British girls 'most at risk' from female genital mutilation
Ministers pledge £35m to eradicate FGM as Europe-wide figures show 30,000 girls in Britain are at risk
MORE young girls are at risk of female genital mutilation (FGM) in Britain than any other country in Europe, according to new figures reported in the Evening Standard.
There are 30,000 girls in the UK currently in danger of the practice, in which a girl will have part or all of her external genitalia removed without anaesthesia. In some cases the clitoris, external labia and internal labia are all cut off with a knife, razor or scissors, while the vagina is stitched up, leading to medical problems such as infertility in later life.
Figures from the European Institute for Gender Equality study show 6,500 of the girls live in London, with the majority aged between four and 15. Girls are mostly taken abroad, usually to countries in sub-Saharan Africa, to undergo the practice. Police at airports are under orders to look out for likely victims.
The figures were revealed on the same day that the government announced it would invest £35 million over the next five years as part of plans to eradicate FGM worldwide. Campaigners heralded the "massive" spend and International Development minister Lynne Featherstone, who is heading up the initiative, told Channel 4 News she wanted to make FGM as outdated as "Chinese foot binding" within a decade.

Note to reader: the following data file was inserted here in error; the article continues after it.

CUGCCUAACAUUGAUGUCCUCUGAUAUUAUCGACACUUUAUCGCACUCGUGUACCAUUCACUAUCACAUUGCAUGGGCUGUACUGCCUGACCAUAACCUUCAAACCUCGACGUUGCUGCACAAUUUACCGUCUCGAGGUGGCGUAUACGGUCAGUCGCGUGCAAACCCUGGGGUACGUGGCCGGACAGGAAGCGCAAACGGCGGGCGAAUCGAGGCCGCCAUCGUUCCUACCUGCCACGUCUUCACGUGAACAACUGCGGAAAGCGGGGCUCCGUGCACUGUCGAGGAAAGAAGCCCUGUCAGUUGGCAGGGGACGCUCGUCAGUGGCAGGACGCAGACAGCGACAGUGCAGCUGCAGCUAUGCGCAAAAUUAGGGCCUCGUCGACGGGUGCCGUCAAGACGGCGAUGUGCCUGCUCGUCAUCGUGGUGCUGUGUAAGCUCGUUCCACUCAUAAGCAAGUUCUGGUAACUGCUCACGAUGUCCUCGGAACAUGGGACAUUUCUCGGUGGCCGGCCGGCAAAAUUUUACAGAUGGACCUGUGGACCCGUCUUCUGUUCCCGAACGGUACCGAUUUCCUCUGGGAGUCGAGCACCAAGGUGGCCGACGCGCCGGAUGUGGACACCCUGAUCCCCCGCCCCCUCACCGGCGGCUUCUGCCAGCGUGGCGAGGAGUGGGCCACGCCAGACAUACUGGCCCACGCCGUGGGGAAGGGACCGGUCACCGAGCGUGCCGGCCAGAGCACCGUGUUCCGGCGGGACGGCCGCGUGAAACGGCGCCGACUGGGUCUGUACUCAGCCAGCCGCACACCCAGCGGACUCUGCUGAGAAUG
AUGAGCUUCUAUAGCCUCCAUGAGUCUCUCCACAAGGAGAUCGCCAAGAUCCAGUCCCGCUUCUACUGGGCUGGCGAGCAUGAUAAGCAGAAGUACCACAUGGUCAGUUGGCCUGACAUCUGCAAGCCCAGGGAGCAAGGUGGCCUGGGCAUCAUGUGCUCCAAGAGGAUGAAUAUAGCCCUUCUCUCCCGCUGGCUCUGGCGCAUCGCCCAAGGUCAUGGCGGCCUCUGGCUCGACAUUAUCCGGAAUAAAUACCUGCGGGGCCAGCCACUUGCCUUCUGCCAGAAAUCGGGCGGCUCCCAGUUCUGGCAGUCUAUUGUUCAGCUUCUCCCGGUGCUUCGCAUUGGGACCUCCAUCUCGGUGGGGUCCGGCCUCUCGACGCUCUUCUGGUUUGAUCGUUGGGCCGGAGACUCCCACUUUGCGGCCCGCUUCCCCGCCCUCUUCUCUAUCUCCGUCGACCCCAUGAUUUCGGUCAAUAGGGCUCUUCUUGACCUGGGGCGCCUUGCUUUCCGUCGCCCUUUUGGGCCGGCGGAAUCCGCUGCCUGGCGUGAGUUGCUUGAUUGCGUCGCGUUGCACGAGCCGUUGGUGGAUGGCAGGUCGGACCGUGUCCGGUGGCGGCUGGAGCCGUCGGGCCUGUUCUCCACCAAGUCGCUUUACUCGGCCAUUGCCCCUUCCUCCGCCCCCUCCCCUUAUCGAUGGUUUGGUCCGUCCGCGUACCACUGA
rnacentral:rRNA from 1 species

Activist Nimco Ali, who co-founded grassroots anti-FGM organisation Daughters of Eve, told Channel 4 news it was "a great thing that the subject is on the table". But Ali warned that the practice may not be eradicated in a generation - "it's not like malaria, that's not how it works".
Her fellow Daughters of Eve campaigner Leyla Hussein told the New Statesman that she was concerned the current momentum behind the issue could soon get "lost" due to cutbacks. "I'm so scared that with all of the cuts happening at the moment, that organisations working with women and children on this will close down. I feel so worried that in the next five to ten years, FGM will get lost in the air again." ·